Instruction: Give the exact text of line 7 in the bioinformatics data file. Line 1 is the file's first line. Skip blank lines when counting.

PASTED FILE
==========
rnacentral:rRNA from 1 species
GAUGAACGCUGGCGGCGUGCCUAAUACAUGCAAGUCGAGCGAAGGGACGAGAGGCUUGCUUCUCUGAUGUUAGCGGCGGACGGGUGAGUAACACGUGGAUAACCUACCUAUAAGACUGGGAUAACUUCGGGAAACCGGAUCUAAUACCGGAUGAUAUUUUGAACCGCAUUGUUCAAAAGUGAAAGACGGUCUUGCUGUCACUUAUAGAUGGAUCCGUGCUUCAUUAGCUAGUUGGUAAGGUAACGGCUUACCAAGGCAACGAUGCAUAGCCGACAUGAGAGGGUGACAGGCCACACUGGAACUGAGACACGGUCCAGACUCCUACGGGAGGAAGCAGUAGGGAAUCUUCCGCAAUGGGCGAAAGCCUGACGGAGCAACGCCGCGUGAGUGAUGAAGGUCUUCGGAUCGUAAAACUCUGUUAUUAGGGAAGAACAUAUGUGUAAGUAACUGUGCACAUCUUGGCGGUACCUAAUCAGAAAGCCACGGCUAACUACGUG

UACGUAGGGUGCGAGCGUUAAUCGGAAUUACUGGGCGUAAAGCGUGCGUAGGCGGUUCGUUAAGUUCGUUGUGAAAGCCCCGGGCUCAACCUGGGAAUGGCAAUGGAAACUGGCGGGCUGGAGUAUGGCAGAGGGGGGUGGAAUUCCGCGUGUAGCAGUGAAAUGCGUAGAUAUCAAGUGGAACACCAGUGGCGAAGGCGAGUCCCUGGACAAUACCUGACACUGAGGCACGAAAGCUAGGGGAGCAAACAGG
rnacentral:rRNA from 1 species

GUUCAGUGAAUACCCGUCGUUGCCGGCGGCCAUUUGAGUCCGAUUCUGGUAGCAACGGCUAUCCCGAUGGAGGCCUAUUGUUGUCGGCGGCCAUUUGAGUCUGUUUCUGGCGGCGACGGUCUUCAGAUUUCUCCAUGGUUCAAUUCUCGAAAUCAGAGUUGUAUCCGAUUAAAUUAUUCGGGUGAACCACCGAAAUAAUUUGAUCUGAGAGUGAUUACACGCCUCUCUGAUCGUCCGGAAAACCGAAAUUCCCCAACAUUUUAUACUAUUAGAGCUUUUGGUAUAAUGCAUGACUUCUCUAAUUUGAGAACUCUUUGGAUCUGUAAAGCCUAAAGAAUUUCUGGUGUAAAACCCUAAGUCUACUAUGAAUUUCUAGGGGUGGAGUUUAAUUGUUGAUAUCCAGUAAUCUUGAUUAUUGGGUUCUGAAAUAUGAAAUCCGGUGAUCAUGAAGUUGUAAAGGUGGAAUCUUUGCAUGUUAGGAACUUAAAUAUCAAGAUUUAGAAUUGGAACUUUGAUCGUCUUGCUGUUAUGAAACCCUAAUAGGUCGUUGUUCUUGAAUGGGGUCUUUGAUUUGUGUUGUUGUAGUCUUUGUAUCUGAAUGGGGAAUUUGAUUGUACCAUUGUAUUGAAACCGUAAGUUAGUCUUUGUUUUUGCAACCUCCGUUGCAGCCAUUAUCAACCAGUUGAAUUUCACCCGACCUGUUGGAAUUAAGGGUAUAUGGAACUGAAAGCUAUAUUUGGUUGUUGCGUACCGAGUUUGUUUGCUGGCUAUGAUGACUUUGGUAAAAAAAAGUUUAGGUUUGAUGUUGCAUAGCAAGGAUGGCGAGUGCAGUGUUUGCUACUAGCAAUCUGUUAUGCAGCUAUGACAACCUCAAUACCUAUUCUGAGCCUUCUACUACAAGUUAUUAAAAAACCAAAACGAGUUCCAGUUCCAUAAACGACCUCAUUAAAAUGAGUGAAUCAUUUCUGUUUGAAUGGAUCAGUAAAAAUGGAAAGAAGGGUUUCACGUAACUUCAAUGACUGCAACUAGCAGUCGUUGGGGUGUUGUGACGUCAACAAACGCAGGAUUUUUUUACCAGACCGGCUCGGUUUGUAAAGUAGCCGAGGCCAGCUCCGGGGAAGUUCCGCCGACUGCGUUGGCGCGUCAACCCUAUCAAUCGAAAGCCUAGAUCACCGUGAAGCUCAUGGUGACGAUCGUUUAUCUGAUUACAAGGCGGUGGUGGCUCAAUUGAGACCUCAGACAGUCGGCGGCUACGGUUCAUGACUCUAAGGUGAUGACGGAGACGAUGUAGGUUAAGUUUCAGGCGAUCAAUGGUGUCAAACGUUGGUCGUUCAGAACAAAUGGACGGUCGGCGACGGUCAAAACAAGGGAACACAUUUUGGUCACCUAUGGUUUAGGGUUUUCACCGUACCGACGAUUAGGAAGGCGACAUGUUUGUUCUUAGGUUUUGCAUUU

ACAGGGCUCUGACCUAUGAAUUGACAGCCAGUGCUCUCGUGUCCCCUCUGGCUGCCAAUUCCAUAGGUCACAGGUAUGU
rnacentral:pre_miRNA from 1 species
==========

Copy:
rnacentral:pre_miRNA from 1 species